• The standard deviation of deck winrate was very low, with most values falling within 0-2%. Pick 11 (Street Trickster / Ebon Dragonsmith / Midnight Drake) had the highest deviation, and Pick 16 (Frostwolf Grunt / Eye for an Eye / Lesser Pearl Spellstone) second. These were the only standard deviations above 5%.
  • The standard deviation of played winrate was higher. Pick 11 had the highest rate again, and Pick 22 (Small-Time Recruits / Eye for an Eye / Sabretooth Stalker) had the second. Along with Pick 16, these were the three abnormally higher rates.

Discussion

  • The power levels seemed to be grouped by deck winrate. While Hsreplay data is not perfect, it takes a sample from actual data. Overall, the deck winrates were fairly consistent among 3 picks.
  • There appears to be a distinction from premium cards from good cards. Cards like Vinecleaver, Spikeridged Steed, and Rallying Blade were grouped together often.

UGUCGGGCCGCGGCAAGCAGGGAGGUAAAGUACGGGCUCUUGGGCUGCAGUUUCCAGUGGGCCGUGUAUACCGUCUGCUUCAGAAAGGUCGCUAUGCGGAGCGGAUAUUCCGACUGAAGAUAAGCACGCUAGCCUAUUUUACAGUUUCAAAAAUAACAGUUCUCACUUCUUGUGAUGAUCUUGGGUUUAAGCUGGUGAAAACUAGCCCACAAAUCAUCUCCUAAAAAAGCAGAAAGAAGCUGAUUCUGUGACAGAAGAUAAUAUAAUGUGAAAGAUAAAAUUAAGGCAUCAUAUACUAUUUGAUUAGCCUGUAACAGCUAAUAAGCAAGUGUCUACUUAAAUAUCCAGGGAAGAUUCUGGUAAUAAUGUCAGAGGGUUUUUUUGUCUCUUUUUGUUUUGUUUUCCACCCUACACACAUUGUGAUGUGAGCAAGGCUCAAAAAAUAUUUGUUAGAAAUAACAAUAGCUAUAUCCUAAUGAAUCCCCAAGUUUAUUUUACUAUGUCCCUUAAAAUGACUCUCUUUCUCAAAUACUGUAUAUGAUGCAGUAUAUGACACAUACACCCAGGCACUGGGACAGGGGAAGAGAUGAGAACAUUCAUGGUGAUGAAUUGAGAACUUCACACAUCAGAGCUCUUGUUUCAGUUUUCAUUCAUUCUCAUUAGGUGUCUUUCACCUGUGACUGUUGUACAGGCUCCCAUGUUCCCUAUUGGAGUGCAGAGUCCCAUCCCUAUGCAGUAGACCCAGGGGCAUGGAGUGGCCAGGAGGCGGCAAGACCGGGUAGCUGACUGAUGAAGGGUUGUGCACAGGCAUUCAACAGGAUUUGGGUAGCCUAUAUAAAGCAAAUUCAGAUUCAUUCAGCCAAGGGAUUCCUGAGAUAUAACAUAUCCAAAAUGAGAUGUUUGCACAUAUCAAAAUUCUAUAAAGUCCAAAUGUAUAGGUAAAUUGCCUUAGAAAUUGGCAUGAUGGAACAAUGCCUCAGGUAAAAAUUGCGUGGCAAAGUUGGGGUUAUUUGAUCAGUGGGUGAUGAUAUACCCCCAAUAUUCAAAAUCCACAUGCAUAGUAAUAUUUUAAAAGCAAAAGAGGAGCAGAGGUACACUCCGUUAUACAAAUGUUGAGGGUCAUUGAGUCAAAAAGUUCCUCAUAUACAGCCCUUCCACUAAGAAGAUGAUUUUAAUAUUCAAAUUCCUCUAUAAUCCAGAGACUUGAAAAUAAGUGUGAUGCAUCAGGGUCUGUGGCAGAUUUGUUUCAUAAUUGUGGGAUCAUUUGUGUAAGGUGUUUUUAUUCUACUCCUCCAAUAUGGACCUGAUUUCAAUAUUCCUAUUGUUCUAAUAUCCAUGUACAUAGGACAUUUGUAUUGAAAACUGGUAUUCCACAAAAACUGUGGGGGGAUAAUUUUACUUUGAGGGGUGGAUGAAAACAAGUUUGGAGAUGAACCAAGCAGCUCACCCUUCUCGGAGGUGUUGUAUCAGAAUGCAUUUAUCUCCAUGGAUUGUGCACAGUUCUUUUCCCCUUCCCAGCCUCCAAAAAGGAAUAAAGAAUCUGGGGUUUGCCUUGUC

• The premium pool was rather small for this draft. I drafted 2 Vinecleavers, 1 Rallying Bad, and 1 Spikeridged Steed. This could give Arena a more constructed feel, and definitely making playing around cards more important.
  • There were 2 legendary picks in this draft. I definitely saw a premium legendary group, and an average-ish legendary group.
  • The bad cards have greater variance in winrates. As shown in Pick 11, it appeared Street Trickster didn’t really belong with the other two picks. Possibly, there isn’t a really bad pool, and the really bad cards are grouped with just bad cards.
  • More data is needed. We don’t know how many card pools there are from this one draft, or what are acceptable differences in card winrates to be in the same pool. Obviously, more cards in other classes helps as well. Do your own analysis!